Developing efficient and economical methods to manufacture RGB patterned pixels is one of the main issues concerning the realization of full-color flat panel displays. Several approaches have been developed to achieve full-color organic emissive displays. The first method consists of filtering white light with RGB band-pass filters. This technique results in a large reduction of the optical power from the white OLED. Thus the color-filtered OLEDs must be operated at high brightness/current density, which may accelerate degradation and shorten the lifetime of the device. Another method utilizes the conversion of blue light to green light and red light through a color converting layer comprising a fluorescent material and has been demonstrated with many variations (See U.S. Pat. Nos. 5,126,214; 5,294,870; 6,019,654; 6,023,371; 6,137,221; 6,249,372, all incorporated by reference herein). A major challenge of this method is the difficulty of finding a red fluorescent material with a high absorption coefficient in the blue wavelength region and having a high fluorescence in the red wavelength region. This method also results in reduced device efficiency during the color conversion process.

Yet another method used to achieve RGB emission is through the patterning of discrete RGB sub-pixels. This method has been demonstrated with the use of precise shadow masks (See U.S. Pat. No. 6,214,631, herein incorporated by reference). This patterning method has also been accomplished with a laser ablation technique (See U.S. Pat. No. 6,146,715, herein incorporated by reference) which is used to etch away undesired organic and electrode layers as a way to avoid using harsh photoresist chemicals to pattern discrete RGB pixels adjacent to each other on the same substrate. This approach is more advantageous than the others because the red, green, and blue OLEDs are individually optimized to achieve high device efficiencies at low power. Typically, three different OLED structures are used in order to optimize each color pixel, with a minimum of two different materials (host and dopant) for each of the primary colors. The use of several different types of material components during device fabrication may increase the risk for cross-contamination and would bring about a more complicated process for device fabrication.

Organic electroluminescent devices that include organic host materials and dopants are disclosed, for example, in the following patents and publications, which are all herein incorporated by reference: U.S. Pat. No. 3,172,862 to Gurnee et al; U.S. Pat. No. 3,173,050 to Gurnee; U.S. Pat. No. 3,710,167 to Dresner et al; U.S. Pat. No. 4,356,429 to Tang; U.S. Pat. No. 4,769,292 to Tang et al; U.S. Pat. No. 5,059,863; U.S. Pat. No. 5,126,214 to Tokailin et al; U.S. Pat. No. 5,382,477 to Saito et al; U.S. Pat. No. 5,409,783 to Tang et al; U.S. Pat. No. 5,554,450 to Shi et al; U.S. Pat. No. 5,635,307 to Takeuchi et al; U.S. Pat. No. 5,674,597 to Fujii et al; U.S. Pat. No. 5,709,959 to Adachi et al; U.S. Pat. No. 5,747,183 to Shi et al; U.S. Pat. No. 5,756,224 to Börner et al; U.S. Pat. No. 5,861,219 to Thompson et al; U.S. Pat. No. 5,908,581 to Chen et al; U.S. Pat. No. 5,932,363 to Hu et al; U.S. Pat. No. 5,935,720 to Chen et al; U.S. Pat. No. 5,935,721 to Shi et al; U.S. Pat. No. 5,948,941 to Tamano et al; U.S. Pat. No. 5,989,737 to Xie et al; International Publication No. WO 98/06242 (Forrest et al); C. W. Tang et al “Electroluminescence of Doped Organic Thin Films”, J. Appl. Phys. 65(9), May 1969, pp 3610–3616; C. W. Tang and S. A. VanSlyke, “Organic Electroluminescent Diodes”, Appl. Phys. Lett. 51(12), Sep. 21, 1987, pp. 913–915; C. W. Tang, “Organic Electroluminescent Materials and Devices” Information Display, October 1996, pp. 16–19; J. Shi and C. W. Tang, “Doped Organic Electroluminescent Devices with Improved Stability”, Appl. Phys. Lett 70(13) Mar. 31, 1997, pp. 1665–1667; Shoustikov et al, “Electroluminescence Color Tuning by Dye Doping in Organic Light-Emitting Diodes”, IEEE Journal of Selected Topics in Quantum Electronics, Vol. 4, No. 1 January/February 1998, pp 3–13; Baldo et al, “Highly Efficient Phosphorescent Emission from Organic Electroluminescent Devices”, Nature, Vol. 395, Sep. 10, 1998, pp 151–153; O'Brien et al “Improved Energy Transfer in Electrophosphorescent Devices”, Applied Physics Letters, Vol. 74, No. 3, Jan. 18, 1999, pp. 442–444.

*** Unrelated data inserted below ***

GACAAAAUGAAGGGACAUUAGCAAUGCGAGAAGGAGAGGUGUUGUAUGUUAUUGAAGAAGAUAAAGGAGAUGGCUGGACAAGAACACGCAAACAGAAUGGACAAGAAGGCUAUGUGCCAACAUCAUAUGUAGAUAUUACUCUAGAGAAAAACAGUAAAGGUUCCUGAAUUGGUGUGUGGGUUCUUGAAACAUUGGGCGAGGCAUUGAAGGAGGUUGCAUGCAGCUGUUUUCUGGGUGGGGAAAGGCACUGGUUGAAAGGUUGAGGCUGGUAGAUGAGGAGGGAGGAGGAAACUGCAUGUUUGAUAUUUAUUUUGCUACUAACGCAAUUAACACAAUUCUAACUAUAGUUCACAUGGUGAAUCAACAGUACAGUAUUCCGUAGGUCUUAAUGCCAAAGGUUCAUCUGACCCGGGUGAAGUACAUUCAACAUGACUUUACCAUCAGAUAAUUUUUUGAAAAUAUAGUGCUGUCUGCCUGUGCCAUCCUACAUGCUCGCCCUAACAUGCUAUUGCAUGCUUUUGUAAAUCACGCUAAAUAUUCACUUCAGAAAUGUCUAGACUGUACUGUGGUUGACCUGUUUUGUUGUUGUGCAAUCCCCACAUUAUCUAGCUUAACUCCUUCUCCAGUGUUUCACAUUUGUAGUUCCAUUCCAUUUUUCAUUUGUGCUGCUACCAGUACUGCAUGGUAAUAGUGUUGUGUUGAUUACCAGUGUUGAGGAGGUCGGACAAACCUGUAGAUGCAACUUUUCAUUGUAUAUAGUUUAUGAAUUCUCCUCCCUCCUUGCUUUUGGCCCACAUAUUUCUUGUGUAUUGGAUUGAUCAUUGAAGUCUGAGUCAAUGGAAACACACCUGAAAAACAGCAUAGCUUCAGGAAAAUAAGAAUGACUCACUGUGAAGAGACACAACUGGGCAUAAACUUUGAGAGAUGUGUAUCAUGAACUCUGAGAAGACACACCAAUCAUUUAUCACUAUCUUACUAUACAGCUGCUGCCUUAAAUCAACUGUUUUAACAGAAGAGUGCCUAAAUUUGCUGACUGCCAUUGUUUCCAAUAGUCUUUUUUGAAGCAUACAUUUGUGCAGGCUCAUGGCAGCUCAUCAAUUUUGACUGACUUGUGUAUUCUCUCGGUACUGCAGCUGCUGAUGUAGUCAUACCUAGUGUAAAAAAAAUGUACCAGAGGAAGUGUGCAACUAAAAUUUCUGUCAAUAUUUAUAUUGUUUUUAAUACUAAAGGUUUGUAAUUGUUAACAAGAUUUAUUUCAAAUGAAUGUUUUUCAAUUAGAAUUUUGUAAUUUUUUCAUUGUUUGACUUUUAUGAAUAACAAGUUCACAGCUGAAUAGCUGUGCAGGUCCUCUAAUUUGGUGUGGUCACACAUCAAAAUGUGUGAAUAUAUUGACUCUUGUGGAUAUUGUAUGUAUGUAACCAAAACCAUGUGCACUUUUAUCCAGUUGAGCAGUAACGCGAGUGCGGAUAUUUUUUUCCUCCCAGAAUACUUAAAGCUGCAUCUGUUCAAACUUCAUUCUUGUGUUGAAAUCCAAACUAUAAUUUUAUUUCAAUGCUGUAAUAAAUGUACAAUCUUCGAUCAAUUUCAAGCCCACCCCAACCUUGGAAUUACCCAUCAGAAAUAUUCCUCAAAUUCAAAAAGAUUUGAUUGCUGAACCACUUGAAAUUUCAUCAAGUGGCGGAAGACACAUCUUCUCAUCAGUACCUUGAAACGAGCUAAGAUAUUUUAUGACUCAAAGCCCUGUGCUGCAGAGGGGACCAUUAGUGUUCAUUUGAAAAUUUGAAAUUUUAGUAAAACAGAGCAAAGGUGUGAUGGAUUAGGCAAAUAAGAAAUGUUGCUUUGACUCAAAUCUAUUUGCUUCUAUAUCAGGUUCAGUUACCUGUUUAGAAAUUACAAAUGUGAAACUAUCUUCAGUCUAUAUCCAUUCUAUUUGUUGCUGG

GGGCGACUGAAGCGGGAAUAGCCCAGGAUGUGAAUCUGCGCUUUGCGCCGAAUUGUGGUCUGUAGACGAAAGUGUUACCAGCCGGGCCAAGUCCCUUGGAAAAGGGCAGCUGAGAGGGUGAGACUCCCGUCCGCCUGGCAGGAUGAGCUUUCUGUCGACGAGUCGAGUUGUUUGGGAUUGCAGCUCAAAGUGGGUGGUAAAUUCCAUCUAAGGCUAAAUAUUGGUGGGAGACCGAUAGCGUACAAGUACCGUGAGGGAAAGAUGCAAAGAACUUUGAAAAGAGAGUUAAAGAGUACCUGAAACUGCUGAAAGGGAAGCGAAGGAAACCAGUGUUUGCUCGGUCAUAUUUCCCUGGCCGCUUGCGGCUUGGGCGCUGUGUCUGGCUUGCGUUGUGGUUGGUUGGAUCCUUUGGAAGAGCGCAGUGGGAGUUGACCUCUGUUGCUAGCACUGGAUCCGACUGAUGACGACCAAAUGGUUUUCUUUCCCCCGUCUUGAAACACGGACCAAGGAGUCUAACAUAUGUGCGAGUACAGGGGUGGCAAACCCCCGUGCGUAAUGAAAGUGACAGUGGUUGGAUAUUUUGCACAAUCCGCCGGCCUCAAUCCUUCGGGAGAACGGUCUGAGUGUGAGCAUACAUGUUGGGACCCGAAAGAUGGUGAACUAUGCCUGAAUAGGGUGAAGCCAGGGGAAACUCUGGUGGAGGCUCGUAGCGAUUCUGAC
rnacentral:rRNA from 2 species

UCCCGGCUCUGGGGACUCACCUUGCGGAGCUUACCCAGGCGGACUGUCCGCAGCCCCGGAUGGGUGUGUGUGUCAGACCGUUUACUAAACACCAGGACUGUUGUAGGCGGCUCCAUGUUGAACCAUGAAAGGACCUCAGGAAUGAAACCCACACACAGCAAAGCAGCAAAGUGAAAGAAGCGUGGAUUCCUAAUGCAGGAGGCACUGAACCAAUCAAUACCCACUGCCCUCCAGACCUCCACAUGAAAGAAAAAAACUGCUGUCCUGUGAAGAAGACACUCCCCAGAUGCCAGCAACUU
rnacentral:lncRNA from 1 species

BRIEF SUMMARY OF THE INVENTION